I had colon cancer and these are the symptoms I had that first showed up when I was 44 years old: pain in my abdomen/stomach area, then sudden weight loss without trying (4 pounds in one month), then I was very tired all the time, shortly before it was found I began throwing up my breakfast every morning. There was never any visible blood in my stool but a lab test found blood in it. Some people can actually see blood in their stool and have problems with abnormal bowel movements. There is no colon cancer history in my family and colon cancer can happen to younger people, even some younger than me. My doctors all said I was young to have it, the majority occurs at an older age and that is why the medical establishment recommends you get a colonoscopy at the age of 50 as routine. I did not have any symptoms that warned me something was wrong until the tumor got very large, it may have been there for 10 years before it was found.
The colon is the part of the digestive system where the waste material is stored. The rectum is the end of the colon adjacent to the anus.cancer of the colon and rectum is the third leading cause of cancer in males and the fourth leading cause of cancer in females.
Firstly let me set your mind at rest. Colon cancer is an old person's disease. It is the cancer of the large bowel The symptoms can be tangible....and they may not be. The tangible symptoms would be blood in the toilet bowl after a bowel motion...and perhaps pain.
The intangible would be lethargy.....fatigue.
Many people are discovered as having colon cancer via a blood test. They do a blood test for something totally irrelevant to any test/s for colon cancer and they are found to be anaemic.
Absolute rubbish about colon cancer is an old persons decease, i certainly wouldn't call myself old yet last February I had keyhole surgery and some of my large intestine removed. Since then I am on Chemotherapy which will come to the end middle of October. I am very lucky to have had a Doctor who acted quickly, although my symptoms were not a big deal. No blood ever in my stool, but it had changed to bits and pieces. Little discomfort either. But then the colour changed to quite dark, which prompted me to go to the doctor. I had an MOT as she called it - blood tests, X-ray's etc. Nothing. Everything in order. She sent me to a specialist, who said: Doubtful if it's serious all your tests came back normal, but she'll ask for a colonoscopy as soon as possible. That I had and that's when it was noticed that I had a polyp which could be cancerous or not. A biopsy was taken and it showed cancerous. Then the keyhole surgery and part of the colon was removed.Again that was examined and they found that amongst 17 lymph nodes 1 showed cancer. That's why I now have Chemo. I am not loosing my hair have a bit of nausea for a few days, fatigue, and general a feeling of being on a cloud. that's all. I am very positive. but never ignore any changes in bowel movement but there doesn't have to be blood and certainly one doesn't have to be old, middle age more likely.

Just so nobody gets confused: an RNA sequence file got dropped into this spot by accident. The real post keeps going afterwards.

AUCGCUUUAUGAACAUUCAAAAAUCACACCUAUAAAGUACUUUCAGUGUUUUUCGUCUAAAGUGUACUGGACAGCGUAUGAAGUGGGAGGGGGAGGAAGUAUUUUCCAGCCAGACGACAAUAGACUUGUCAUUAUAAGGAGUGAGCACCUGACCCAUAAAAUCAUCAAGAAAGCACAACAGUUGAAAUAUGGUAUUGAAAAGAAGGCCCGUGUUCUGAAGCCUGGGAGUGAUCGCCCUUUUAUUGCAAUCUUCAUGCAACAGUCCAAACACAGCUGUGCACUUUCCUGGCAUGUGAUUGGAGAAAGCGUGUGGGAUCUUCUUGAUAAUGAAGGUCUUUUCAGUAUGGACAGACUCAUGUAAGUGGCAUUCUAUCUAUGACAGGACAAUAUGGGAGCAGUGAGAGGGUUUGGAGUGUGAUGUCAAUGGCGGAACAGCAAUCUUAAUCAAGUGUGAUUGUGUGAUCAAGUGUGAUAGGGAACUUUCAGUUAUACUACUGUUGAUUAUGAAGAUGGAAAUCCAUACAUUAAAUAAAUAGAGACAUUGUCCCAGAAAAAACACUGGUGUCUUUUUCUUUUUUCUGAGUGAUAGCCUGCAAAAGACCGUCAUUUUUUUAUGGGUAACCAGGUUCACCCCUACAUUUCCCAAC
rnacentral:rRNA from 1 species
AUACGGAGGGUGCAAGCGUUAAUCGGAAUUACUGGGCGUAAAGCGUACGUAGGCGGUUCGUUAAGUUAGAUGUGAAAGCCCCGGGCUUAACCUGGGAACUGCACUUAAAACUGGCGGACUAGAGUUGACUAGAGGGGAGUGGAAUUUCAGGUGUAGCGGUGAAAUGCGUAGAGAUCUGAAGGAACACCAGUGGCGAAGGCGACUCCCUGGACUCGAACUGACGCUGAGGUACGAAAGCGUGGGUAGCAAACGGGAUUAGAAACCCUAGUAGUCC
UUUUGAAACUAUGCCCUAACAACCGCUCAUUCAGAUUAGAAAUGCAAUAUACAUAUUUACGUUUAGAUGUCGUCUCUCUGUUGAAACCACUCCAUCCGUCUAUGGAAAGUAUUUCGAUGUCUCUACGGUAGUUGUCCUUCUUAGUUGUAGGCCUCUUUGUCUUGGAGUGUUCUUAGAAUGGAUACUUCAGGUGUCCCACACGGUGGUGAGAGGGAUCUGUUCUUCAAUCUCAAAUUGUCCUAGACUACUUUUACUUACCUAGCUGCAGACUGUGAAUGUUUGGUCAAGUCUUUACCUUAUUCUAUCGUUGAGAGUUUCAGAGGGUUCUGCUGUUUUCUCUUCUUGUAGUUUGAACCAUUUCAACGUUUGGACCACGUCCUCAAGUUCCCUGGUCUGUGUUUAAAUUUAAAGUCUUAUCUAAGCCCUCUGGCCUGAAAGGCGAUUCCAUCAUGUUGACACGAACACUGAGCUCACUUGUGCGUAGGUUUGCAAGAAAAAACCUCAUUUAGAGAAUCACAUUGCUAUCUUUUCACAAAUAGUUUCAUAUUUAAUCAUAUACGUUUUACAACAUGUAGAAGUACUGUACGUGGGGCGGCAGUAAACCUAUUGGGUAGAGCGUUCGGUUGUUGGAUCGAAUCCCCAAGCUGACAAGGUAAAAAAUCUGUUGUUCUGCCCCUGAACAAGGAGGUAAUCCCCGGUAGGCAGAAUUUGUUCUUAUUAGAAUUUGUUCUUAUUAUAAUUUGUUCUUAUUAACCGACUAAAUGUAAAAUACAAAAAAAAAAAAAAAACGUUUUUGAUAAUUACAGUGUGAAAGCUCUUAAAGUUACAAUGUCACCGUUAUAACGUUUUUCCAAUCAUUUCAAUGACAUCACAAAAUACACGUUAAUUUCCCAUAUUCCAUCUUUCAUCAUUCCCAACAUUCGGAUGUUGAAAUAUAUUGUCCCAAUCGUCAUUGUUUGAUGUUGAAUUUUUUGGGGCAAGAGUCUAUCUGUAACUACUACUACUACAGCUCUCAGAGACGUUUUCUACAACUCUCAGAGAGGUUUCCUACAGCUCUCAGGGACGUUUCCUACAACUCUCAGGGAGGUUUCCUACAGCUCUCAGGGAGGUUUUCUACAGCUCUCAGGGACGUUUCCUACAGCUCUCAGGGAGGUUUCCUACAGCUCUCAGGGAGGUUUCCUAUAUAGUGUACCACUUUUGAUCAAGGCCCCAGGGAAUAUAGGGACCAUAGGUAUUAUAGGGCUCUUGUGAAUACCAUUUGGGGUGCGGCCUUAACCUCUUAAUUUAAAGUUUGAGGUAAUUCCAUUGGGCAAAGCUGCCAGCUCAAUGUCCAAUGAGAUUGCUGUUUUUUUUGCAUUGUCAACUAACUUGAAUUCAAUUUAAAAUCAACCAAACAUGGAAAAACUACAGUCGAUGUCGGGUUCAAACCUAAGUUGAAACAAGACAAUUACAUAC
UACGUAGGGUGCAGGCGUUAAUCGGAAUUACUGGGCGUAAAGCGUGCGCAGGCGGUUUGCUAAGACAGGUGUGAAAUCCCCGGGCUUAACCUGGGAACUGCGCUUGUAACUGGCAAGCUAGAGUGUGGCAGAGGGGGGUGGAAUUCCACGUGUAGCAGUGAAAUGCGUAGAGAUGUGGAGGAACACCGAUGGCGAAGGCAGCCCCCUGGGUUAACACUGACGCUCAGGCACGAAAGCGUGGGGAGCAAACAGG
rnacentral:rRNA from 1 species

My mom had it, and she is okay now. Here are some signs.
A change in your bowel habits, including diarrhea or constipation or a change in the consistency of your stool for more than a couple of weeks
Rectal bleeding or blood in your stool
Persistent abdominal discomfort, such as cramps, gas or pain
Abdominal pain with a bowel movement
A feeling that your bowel doesn't empty completely
Weakness or fatigue
Unexplained weight loss